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At the same time, the rapid growth in e-commerce order fulﬁllment should be kept in perspective.
“We’re looking at e-commerce numbers picking up to 20% of retail this year,” said Guy Courtin, head of global alliances at mobile robot provider 6 River Systems Inc. “When we talk to our parent company Shopify, it has seen six to seven years of growth in the past several months.”
“But we should remember that 75% to 80% of retail is still in store, and as restrictions have loosened, we can see some of that returning,” he said.
Remote diagnosis and treatment
Healthcare workers, from nurses and surgeons to therapists, are already on the front lines of the fight against COVID-19. Robots, drones, and artificial intelligence offer some help to providers who were already shorthanded before the pandemic. They can aid with screening entrants to facilities, contact tracing, and telemedicine.
In March, Draganfly said it was working with Vital Intelligence and the University of South Australia to develop drone-based detection of health metrics including heart and respiratory rates. The company also worked with the police department in Westport, Conn.
In April, researchers at Brigham and Women’s Hospital used a Spot quadruped from Boston Dynamics to remotely obtain patients’ vital signs.
In September, Teledyne DALSA announced the Calibir GX thermal cameras to detect elevated skin temperatures.
Food-service organizations are also turning to robots and sensors. CaliBurger, which has been testing Miso Robotics’ Flippy frying robot, also added facial recognition, thermal sensing, and contactless ordering at a recently renovated restaurant in Florida.
On the treatment side, social robots offer a more constant companion than busy clinical staffers, and telepresence and wearable systems can aid human therapists. For example, Expper Technologies’ Robin robot is designed to work with children being treated for chronic conditions.
Many millennials would accept emerging technologies including telemedicine, robot-assisted surgery, and autonomous vehicles for the health and well-being of their children, found the Institute for Electrical and Electronics Engineers (IEEE) in a study released last month.
Another example is Energid Technologies Corp.’s work on remote diagnosis. “Energid Technologies worked with Dr. Jeff Soble and Sarah Doherty, co-founders of startup Telehealth Robotics, to develop a system for medical kiosks, where patients could go to a local kiosk to get a carotid ultrasound performed by a remote technician,” said Neil Tardella, CEO of Energid.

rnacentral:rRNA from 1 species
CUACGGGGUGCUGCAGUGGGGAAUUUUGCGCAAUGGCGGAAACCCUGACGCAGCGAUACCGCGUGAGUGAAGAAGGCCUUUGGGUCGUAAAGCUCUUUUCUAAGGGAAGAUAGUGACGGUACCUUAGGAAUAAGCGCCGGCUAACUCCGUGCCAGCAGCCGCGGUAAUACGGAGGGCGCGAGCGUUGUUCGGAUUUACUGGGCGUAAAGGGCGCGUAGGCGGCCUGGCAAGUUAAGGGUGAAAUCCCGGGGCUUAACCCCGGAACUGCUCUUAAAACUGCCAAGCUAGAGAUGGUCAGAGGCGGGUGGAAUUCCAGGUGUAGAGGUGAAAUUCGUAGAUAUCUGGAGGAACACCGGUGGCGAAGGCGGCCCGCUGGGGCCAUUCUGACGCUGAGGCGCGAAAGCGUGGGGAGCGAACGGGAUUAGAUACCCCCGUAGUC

The cutting edge of teleoperation, literally, is remote surgery, which organizations such as Corindus Vascular Robotics have been pioneering. This is aided by increasing levels of autonomy, which frees remote surgeons for higher-level cognitive tasks, as well as 5G bandwidth for fast and accurate imaging and controls.
Social distancing in industry
Social robots have also been pressed into duty during the COVID-19 pandemic, as suppliers of such robots look for more commercial viability. Robovie reminds shoppers to maintain social distancing in Japan, while Agilo Kim talks to restaurant diners in South Korea.
Social distancing is equally important on the factory or warehouse ﬂoor, leading to more interest in telepresence and teleoperation. Vendors of collaborative robot arms such as Universal Robots and autonomous mobile robots like Mobile Industrial Robots have said their ﬂexible automation can help businesses remain productive while spacing out staffers.
“The days where factories are filled with tightly packed workers are likely coming to an end, and industries must determine how to reduce human density without the commensurate reduction in productivity,” Tardella said. “Advanced software that allows robots to work in close proximity to one another can bring productivity levels back up to human level.”
In September, the Advanced Robotics for Manufacturing, or ARM Institute, announced nine projects that will receive a total of about $8 million to help U.S. industry respond to the pandemic. They include an autonomous disinfection robot for warehouses, the use of 3D printing and robotics to make PPE, and swarm robotics for building large structures.
Whenever COVID-19 is finally defeated, people will return to factories, restaurants, hospitals, and schools. However, increasing autonomy and awareness of the potential of robotics will likely mean a continued expansion of adoption for applications involving collaboration, remote monitoring, and rapid response to healthcare or market conditions.